Unit 24: Eco-tourism
Select a unit
- 1 Nice to meet you!
- 2 What to wear
- 3 Like this, like that
- 4 The daily grind
- 5 Christmas every day
- 6 Great achievers
- 7 The Titanic
- 8 Travel
- 9 The big wedding
- 10 Sunny's job hunt
- 11 The bucket list
- 12 Moving and migration
- 13 Welcome to BBC Broadcasting House
- 14 New Year, New Project
- 15 From Handel to Hendrix
- 16 What's the weather like?
- 17 The Digital Revolution
- 18 A detective story
- 19 A place to live
- 20 The Cult of Celebrity
- 21 Welcome to your new job
- 22 Beyond the planets
- 23 Great expectations!
- 24 Eco-tourism
- 25 Moving house
- 26 It must be love
- 27 Job hunting success... and failure
- 28 Speeding into the future
- 29 Lost arts
- 30 Tales of survival
We use the second conditional in English when we want to talk about unreal situations or things we don’t think will happen. We use it to talk about the possible results of these situations. It is made like this:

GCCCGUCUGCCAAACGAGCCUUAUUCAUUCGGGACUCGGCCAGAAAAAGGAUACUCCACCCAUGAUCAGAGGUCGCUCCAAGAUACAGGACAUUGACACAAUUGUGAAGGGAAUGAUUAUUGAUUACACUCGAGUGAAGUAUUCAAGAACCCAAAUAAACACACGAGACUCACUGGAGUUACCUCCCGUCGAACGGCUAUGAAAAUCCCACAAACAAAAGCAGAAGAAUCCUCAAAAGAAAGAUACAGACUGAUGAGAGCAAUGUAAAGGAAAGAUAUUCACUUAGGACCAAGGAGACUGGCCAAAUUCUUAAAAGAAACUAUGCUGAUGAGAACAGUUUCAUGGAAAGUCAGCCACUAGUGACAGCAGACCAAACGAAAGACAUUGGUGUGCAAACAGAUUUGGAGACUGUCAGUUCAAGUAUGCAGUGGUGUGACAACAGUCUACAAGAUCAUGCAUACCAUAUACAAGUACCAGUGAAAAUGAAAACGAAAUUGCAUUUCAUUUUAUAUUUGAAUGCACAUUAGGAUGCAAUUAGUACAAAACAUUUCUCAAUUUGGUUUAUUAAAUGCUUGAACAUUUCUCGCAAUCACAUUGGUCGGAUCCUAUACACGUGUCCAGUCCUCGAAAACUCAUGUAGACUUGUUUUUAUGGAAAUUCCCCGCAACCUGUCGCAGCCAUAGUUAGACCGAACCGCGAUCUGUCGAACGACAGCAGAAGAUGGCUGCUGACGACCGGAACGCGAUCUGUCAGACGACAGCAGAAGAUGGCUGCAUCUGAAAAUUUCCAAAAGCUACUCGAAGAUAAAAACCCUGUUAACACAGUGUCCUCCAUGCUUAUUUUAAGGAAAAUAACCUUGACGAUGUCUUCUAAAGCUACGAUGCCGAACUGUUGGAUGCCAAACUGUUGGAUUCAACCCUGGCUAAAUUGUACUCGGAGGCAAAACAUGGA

if + past simple, … would + infinitive
Here are some examples:
If we all recycled more, there would be a lot less waste in the world.
If I lived by the sea, I’d go swimming every day.
A conditional sentence has two parts. The if part tells us about the unreal or unlikely situation. The would part tells us the possible results of this situation.
If I lived by the sea, … (This is the imaginary situation.)
… I’d go swimming every day. (This is the result of the imaginary situation.)
The two parts can come in any order. When the if part comes first in the sentence, we put a comma between the if part and the would part. You don’t use a comma when the would part comes first.
If I had more free time, I would be more relaxed.
I would be more relaxed if I had more free time.
We use the past simple in the if part – but second conditional sentences aren’t about the past. We use the past form to show that the situation isn’t real. The would part tells us the result of this imaginary situation.
We sometimes use were instead of was in the if part of a second conditional sentence. It means the same, but when we use were, the sentence sounds more formal.
If it were time to leave, I’d go.
We’d have lunch outside if it weren’t raining.